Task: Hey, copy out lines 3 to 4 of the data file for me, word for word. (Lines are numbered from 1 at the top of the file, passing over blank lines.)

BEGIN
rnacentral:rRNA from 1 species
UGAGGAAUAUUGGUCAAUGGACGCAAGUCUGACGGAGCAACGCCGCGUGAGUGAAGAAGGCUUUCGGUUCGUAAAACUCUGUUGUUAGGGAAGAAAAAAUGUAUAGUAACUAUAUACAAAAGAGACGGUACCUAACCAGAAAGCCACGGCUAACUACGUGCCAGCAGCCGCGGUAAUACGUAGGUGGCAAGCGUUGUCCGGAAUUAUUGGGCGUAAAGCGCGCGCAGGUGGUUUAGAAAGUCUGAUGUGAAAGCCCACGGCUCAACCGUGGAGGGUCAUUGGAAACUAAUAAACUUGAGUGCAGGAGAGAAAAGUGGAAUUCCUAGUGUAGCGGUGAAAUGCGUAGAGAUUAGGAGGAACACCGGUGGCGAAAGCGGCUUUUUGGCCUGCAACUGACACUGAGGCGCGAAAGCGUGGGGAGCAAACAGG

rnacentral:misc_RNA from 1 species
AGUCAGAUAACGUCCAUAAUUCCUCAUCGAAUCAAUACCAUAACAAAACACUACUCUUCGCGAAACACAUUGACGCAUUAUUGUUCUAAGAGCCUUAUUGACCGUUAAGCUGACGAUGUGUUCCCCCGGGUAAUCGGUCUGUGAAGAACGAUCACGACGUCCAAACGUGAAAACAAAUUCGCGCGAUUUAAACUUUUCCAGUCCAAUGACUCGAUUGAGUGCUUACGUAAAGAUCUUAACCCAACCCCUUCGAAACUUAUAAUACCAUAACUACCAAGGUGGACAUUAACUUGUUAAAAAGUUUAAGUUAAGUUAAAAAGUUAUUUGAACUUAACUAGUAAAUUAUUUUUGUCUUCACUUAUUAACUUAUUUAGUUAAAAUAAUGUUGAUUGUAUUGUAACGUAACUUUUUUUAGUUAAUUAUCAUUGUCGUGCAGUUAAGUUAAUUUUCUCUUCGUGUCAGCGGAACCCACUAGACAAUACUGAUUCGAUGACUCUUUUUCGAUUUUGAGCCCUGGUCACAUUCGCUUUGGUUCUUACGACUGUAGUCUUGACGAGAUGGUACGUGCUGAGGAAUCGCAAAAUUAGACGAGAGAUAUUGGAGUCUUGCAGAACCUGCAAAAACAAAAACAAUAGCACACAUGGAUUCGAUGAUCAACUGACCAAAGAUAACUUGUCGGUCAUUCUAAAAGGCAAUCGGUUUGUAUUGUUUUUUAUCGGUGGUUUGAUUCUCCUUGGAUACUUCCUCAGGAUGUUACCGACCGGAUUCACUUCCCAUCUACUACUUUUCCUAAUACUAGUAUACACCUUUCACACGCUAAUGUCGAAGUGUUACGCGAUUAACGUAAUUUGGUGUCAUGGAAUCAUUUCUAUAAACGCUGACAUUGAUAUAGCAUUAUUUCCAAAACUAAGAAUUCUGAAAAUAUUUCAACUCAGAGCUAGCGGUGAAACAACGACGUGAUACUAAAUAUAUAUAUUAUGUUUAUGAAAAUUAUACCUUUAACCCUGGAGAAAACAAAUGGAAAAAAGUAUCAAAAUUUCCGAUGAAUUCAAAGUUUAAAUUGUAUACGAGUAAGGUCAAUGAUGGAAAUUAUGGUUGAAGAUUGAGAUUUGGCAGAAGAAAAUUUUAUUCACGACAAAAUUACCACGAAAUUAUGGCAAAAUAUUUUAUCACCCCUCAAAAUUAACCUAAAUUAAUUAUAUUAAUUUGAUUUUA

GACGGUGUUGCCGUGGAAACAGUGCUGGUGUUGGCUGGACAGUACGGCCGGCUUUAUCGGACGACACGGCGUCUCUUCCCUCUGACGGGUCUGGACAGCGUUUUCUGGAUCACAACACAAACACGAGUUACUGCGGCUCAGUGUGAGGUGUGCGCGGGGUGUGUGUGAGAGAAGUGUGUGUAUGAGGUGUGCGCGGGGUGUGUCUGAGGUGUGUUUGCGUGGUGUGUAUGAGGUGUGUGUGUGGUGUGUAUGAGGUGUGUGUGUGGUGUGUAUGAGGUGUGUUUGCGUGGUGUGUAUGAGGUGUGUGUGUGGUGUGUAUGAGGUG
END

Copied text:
rnacentral:misc_RNA from 1 species
AGUCAGAUAACGUCCAUAAUUCCUCAUCGAAUCAAUACCAUAACAAAACACUACUCUUCGCGAAACACAUUGACGCAUUAUUGUUCUAAGAGCCUUAUUGACCGUUAAGCUGACGAUGUGUUCCCCCGGGUAAUCGGUCUGUGAAGAACGAUCACGACGUCCAAACGUGAAAACAAAUUCGCGCGAUUUAAACUUUUCCAGUCCAAUGACUCGAUUGAGUGCUUACGUAAAGAUCUUAACCCAACCCCUUCGAAACUUAUAAUACCAUAACUACCAAGGUGGACAUUAACUUGUUAAAAAGUUUAAGUUAAGUUAAAAAGUUAUUUGAACUUAACUAGUAAAUUAUUUUUGUCUUCACUUAUUAACUUAUUUAGUUAAAAUAAUGUUGAUUGUAUUGUAACGUAACUUUUUUUAGUUAAUUAUCAUUGUCGUGCAGUUAAGUUAAUUUUCUCUUCGUGUCAGCGGAACCCACUAGACAAUACUGAUUCGAUGACUCUUUUUCGAUUUUGAGCCCUGGUCACAUUCGCUUUGGUUCUUACGACUGUAGUCUUGACGAGAUGGUACGUGCUGAGGAAUCGCAAAAUUAGACGAGAGAUAUUGGAGUCUUGCAGAACCUGCAAAAACAAAAACAAUAGCACACAUGGAUUCGAUGAUCAACUGACCAAAGAUAACUUGUCGGUCAUUCUAAAAGGCAAUCGGUUUGUAUUGUUUUUUAUCGGUGGUUUGAUUCUCCUUGGAUACUUCCUCAGGAUGUUACCGACCGGAUUCACUUCCCAUCUACUACUUUUCCUAAUACUAGUAUACACCUUUCACACGCUAAUGUCGAAGUGUUACGCGAUUAACGUAAUUUGGUGUCAUGGAAUCAUUUCUAUAAACGCUGACAUUGAUAUAGCAUUAUUUCCAAAACUAAGAAUUCUGAAAAUAUUUCAACUCAGAGCUAGCGGUGAAACAACGACGUGAUACUAAAUAUAUAUAUUAUGUUUAUGAAAAUUAUACCUUUAACCCUGGAGAAAACAAAUGGAAAAAAGUAUCAAAAUUUCCGAUGAAUUCAAAGUUUAAAUUGUAUACGAGUAAGGUCAAUGAUGGAAAUUAUGGUUGAAGAUUGAGAUUUGGCAGAAGAAAAUUUUAUUCACGACAAAAUUACCACGAAAUUAUGGCAAAAUAUUUUAUCACCCCUCAAAAUUAACCUAAAUUAAUUAUAUUAAUUUGAUUUUA